“CRKT Strikes Yet Again…”
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Ladies and gentlemen, don’t let the name “Shenanigan“ fool you! This knife is anything but goofy.
There will be no shenanigans of any kind on this blog!! Just kidding… Let me introduce you to the CRKT Ken Onion Shenanigan.
I’ll start by saying that every now and again, you’ll find a knife that’s just plain different from the others… one that effortlessly stands out from the crowd. For me, that was this knife.
There’s just something special about the way this one feels in the palm of your hand… the way it reverberates when you open it. The experience is so visceral.
Don’t get me wrong, I love assisted opening knives, but there’s something new and exciting about how this knife opens without using any kind of spring.
It’s 100% old school… manual, with no assisted opening. Frankly, I don’t think it needs it. The blade snaps out quickly enough without it, and the feeling that accompanies it is so oddly satisfying.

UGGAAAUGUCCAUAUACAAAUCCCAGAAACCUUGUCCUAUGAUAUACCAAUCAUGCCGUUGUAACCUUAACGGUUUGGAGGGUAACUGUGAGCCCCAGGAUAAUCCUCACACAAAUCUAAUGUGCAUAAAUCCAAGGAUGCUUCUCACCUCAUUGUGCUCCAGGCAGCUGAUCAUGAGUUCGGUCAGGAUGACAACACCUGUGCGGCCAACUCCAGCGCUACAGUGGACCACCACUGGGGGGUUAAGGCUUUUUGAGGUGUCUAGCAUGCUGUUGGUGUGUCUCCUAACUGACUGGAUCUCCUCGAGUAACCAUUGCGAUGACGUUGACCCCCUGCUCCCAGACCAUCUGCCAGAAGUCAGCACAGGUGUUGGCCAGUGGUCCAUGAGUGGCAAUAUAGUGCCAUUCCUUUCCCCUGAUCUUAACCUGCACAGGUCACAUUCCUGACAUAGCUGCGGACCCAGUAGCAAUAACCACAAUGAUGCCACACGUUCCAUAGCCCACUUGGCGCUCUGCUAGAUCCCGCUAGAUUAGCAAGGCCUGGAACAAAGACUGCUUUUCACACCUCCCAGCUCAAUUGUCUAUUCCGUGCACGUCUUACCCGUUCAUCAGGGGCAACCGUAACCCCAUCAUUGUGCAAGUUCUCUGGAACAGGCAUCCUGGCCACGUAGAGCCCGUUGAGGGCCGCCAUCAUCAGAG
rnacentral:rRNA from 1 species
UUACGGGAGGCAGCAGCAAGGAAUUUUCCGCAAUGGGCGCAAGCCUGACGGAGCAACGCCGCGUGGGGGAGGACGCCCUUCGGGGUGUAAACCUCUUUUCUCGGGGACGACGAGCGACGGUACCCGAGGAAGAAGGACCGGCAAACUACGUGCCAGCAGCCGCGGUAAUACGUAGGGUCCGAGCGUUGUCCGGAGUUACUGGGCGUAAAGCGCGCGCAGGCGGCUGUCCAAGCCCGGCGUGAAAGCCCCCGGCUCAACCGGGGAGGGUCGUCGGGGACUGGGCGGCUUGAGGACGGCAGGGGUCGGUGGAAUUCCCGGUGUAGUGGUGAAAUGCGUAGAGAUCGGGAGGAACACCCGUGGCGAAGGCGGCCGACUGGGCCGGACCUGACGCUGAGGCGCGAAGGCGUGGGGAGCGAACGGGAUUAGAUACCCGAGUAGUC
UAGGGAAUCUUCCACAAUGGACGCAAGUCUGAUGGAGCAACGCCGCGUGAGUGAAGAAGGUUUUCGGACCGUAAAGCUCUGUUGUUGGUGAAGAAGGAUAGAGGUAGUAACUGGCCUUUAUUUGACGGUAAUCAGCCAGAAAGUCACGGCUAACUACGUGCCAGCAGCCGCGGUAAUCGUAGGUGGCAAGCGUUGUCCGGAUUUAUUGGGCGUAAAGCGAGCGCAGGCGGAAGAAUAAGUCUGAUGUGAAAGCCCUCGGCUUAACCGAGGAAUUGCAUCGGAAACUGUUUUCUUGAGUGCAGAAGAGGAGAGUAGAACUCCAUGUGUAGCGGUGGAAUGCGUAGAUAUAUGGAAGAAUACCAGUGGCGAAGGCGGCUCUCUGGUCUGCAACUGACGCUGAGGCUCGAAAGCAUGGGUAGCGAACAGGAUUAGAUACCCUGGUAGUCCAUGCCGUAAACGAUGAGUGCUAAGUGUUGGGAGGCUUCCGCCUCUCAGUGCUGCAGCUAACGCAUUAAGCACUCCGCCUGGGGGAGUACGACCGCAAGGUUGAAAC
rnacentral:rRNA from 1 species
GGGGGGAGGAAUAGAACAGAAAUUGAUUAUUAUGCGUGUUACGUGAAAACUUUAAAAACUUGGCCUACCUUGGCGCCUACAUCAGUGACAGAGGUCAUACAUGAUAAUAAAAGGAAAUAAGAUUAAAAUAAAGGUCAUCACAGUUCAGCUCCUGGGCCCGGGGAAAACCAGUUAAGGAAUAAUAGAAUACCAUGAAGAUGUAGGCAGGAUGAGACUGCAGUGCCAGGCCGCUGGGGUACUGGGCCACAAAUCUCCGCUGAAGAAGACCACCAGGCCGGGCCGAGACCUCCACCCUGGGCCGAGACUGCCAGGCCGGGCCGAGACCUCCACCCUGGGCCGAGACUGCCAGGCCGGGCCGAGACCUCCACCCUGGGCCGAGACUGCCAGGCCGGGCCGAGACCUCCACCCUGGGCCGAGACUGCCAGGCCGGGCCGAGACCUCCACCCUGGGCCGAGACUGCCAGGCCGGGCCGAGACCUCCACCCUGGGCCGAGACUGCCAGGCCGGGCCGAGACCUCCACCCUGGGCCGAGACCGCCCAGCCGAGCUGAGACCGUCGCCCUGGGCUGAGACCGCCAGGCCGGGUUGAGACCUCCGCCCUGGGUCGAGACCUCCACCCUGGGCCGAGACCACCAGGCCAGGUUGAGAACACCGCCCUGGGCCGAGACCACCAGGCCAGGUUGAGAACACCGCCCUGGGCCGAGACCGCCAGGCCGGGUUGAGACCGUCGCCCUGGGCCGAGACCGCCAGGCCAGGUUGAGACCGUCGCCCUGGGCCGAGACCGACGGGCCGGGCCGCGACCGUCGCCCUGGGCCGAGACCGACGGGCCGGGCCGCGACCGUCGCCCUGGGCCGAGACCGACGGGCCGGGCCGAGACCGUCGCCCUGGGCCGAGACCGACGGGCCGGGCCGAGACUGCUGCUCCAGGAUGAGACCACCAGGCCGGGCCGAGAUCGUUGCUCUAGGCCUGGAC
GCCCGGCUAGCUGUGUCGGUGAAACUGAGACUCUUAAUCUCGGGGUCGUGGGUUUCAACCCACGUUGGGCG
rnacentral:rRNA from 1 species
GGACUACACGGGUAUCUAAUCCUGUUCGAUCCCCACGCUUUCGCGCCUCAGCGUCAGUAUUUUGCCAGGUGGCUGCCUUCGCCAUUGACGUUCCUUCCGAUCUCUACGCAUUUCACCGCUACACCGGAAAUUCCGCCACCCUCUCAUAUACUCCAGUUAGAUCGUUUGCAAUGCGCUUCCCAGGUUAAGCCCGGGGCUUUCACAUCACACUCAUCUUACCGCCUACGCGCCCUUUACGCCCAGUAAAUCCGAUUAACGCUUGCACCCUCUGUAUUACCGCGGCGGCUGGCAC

The CRKT Shenanigan is a popular sport and work folding knife designed by world renowned Knife Designer Ken Onion.
The knife has popular workhorse AUS 8 blade steel in a bead-blast finish, flipper opening and tough, glass reinforced nylon handles.
WHO IT’S FOR?
Someone who’s looking for a slightly larger EDC pocket knife with a lot of personality. The design of this knife is downright sick, so if you’re someone who appreciates sleek aesthetics and unconventional design, I promise you’re not gonna be let down.
This knife is also suited for knife heads looking for a upper-middle sized EDC that excels in smooth slicing. However, if you’re looking for a small spring-assisted EDC, this one’s probably not going to be up your alley.